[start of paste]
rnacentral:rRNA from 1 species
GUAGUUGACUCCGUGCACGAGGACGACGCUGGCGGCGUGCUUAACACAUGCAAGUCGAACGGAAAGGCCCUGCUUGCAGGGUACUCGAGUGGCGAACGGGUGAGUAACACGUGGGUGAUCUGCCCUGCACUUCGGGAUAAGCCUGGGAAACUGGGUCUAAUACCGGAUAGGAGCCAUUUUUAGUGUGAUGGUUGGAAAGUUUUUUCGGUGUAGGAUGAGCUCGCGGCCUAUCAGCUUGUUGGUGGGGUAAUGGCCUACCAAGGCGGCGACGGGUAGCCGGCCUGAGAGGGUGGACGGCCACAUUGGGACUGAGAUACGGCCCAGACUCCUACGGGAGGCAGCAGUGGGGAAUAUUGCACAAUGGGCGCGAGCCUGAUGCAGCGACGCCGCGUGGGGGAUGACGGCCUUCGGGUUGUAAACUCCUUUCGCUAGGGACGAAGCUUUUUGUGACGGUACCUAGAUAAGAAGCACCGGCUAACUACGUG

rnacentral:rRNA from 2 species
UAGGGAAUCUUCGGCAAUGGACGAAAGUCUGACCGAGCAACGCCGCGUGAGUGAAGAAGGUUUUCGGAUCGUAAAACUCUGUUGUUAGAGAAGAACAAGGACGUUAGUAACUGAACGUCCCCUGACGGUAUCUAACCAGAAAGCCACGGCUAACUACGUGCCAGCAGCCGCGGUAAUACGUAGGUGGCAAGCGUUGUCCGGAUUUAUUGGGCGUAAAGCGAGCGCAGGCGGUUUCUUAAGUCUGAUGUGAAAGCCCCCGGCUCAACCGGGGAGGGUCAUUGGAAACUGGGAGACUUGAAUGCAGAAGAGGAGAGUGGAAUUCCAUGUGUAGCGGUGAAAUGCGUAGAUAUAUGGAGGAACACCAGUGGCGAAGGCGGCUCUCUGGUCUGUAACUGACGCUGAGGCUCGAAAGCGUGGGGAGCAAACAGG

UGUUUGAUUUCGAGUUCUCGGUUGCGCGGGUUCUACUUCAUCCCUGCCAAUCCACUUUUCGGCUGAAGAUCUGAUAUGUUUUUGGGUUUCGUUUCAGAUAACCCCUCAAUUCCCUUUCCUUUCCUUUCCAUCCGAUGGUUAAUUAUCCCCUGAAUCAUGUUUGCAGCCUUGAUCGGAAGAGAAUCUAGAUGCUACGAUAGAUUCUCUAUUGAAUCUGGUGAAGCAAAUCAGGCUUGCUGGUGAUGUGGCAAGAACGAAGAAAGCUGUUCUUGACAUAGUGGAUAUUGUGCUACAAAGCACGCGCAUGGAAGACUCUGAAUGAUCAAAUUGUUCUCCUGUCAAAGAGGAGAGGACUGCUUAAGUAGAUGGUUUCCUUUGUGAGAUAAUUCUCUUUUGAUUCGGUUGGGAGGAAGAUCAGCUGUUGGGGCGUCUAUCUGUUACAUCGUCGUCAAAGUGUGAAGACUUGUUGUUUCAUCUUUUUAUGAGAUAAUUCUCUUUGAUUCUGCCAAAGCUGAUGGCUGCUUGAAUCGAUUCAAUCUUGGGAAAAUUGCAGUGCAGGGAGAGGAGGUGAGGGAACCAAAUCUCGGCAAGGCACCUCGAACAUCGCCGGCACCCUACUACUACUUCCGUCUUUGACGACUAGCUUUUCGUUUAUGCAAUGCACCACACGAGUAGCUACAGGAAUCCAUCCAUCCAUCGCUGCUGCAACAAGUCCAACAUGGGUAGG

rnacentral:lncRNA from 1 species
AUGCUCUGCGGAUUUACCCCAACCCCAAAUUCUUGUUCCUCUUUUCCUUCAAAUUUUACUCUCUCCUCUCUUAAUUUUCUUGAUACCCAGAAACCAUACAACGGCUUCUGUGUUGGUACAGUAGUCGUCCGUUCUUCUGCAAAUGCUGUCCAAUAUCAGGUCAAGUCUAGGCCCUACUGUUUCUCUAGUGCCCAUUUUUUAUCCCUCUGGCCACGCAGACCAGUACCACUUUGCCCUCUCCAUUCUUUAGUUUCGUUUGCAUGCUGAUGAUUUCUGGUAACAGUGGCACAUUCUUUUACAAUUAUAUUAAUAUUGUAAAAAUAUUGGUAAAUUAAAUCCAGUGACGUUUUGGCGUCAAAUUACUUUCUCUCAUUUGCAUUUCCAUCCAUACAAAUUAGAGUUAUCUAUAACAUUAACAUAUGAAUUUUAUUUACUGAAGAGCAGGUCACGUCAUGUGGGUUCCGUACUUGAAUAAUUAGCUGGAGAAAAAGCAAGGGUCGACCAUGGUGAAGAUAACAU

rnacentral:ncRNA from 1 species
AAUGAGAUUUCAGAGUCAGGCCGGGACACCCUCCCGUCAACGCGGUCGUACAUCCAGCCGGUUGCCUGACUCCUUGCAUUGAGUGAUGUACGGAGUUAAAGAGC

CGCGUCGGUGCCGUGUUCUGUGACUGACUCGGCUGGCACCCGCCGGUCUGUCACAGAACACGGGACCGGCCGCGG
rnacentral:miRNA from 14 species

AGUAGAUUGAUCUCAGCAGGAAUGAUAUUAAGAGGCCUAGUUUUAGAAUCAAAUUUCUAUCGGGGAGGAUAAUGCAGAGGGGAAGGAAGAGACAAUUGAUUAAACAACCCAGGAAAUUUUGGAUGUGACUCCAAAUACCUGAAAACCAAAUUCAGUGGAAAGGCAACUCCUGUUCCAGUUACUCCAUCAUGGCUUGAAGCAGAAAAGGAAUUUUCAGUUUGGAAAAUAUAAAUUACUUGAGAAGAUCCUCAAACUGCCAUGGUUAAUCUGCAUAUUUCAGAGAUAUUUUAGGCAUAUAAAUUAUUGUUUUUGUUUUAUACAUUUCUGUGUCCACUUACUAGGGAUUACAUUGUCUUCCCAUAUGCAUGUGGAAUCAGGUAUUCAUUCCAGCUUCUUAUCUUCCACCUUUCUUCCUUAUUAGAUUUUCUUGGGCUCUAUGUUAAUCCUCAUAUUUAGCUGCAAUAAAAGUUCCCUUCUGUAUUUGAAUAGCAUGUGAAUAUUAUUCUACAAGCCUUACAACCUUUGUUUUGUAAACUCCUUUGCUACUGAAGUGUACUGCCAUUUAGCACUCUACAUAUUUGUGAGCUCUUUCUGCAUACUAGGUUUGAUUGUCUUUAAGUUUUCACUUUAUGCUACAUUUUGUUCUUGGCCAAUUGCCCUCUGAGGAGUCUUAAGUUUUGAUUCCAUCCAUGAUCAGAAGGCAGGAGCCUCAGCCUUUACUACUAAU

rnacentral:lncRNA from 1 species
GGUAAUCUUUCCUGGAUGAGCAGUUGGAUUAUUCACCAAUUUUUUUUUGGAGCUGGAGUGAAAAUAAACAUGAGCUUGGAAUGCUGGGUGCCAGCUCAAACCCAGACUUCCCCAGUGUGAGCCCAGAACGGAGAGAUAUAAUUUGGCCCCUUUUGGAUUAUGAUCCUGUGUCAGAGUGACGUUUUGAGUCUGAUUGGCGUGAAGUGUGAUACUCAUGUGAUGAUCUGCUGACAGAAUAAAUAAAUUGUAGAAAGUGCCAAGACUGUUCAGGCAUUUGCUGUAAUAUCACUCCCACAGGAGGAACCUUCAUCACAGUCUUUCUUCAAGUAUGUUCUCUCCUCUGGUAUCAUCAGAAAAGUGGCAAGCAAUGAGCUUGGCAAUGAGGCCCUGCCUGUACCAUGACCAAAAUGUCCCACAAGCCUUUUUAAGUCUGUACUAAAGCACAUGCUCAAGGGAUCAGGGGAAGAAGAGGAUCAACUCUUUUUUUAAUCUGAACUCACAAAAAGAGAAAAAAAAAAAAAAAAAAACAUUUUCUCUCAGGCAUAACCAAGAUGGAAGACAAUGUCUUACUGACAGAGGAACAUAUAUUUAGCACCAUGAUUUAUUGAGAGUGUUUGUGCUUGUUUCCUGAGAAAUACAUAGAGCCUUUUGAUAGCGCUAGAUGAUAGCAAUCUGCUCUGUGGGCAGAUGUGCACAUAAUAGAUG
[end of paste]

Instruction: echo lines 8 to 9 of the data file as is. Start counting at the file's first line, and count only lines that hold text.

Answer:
rnacentral:ncRNA from 1 species
AAUGAGAUUUCAGAGUCAGGCCGGGACACCCUCCCGUCAACGCGGUCGUACAUCCAGCCGGUUGCCUGACUCCUUGCAUUGAGUGAUGUACGGAGUUAAAGAGC